The Greater Glory by David F. Ruppert

The Greater Glory

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Ruppert (The Seven Watchmen, 2009) delivers a fast-paced, intelligent thriller about a police detective’s journey into an intricate underworld of religion and politics.

Gallagher, a hardened, sharp cop from Washington, D.C., investigates the bloody death of a Jesuit priest. Although it was first ruled an accident, Gallagher believes the priest was murdered and, as the story goes on, risks his career and reputation to prove his suspicion. He teams up with a helpful fourth-grade teacher, Laura Miller, and uses tough investigative tactics, and a bit of larceny, to finds what he needs—plunging into a shady, intricate netherworld of Jesuits, South American revolutionaries, Vatican and CIA officials, Cold War secrets and more. Ruppert expertly sets his characters on the trail of intrigue and adventure, and his prose is consistent and straightforward, offering guidance to the reader when necessary. That said, it sometimes offers long, unnecessary exposition and explanatory dialogue, during which some readers may become lost. At times, the narrative tells instead of shows, instructing readers about a character instead of providing subtler character development (as when it refers to one character’s “sharp mind.”). Readers will likely enjoy the mystery at the heart of this thriller, but repeated, vague references to “a giant man” and a “well dressed man” plotting from positions of power may frustrate some readers. However, these minor flaws are, in the end, forgivable. Overall, the author has a clear knowledge of his engaging characters, settings, plot and ideas, and most readers will appreciate the attention to detail in this complex, well-planned narrative.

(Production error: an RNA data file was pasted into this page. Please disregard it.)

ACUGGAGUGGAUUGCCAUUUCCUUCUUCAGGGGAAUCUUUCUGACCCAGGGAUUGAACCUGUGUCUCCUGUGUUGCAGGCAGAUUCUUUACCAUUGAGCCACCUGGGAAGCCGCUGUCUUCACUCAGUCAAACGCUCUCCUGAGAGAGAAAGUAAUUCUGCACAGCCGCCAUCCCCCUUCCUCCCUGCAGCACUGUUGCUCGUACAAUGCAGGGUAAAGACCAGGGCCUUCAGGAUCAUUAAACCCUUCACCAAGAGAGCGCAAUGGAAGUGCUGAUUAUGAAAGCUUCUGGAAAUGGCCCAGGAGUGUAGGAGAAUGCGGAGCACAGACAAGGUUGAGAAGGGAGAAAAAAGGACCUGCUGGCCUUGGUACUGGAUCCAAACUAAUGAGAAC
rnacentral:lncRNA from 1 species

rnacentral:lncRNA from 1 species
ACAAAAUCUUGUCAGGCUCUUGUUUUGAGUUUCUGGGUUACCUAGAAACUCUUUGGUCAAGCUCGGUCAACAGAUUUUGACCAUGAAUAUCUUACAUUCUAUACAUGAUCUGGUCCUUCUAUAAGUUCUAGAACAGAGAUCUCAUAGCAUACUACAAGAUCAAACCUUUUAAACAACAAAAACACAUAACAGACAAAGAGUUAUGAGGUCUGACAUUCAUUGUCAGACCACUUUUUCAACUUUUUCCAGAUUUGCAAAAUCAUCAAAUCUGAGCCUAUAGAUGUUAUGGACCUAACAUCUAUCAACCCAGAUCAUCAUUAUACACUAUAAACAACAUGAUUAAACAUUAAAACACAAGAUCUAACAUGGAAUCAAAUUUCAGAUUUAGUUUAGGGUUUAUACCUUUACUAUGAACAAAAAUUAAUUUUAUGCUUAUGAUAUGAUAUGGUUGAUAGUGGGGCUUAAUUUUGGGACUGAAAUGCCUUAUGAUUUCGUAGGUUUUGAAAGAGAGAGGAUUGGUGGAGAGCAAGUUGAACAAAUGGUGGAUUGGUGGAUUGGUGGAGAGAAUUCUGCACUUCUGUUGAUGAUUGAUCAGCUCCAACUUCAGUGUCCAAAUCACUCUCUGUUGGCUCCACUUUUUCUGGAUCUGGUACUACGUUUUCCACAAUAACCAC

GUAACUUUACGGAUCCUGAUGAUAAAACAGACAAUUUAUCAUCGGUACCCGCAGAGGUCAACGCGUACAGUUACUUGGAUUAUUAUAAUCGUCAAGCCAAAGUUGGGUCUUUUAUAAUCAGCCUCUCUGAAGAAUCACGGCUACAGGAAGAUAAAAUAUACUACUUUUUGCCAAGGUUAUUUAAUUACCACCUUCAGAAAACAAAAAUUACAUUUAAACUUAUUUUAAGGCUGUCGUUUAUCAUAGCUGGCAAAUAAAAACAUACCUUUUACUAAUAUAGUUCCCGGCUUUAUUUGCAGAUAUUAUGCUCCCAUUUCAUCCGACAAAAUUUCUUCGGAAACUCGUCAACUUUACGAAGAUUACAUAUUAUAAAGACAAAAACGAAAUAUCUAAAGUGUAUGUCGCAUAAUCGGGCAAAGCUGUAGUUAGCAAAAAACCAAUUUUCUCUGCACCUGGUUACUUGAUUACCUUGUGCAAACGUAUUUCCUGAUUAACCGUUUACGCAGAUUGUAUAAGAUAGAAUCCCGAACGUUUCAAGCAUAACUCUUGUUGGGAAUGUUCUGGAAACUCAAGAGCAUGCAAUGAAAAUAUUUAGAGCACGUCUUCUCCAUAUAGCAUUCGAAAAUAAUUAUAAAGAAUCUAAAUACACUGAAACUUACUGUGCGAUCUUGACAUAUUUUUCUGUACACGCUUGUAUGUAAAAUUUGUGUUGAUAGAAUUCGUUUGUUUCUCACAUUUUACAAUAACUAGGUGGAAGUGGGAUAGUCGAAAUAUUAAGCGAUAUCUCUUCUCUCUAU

A solid, often engaging thriller that will likely appeal to fans of conspiracy theories and high adventure.

Pub Date: May 4th, 2013
ISBN: 978-0615677415
Page count: 350pp
Publisher: The Greater Glory
Program: Kirkus Indie
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by Dan Brown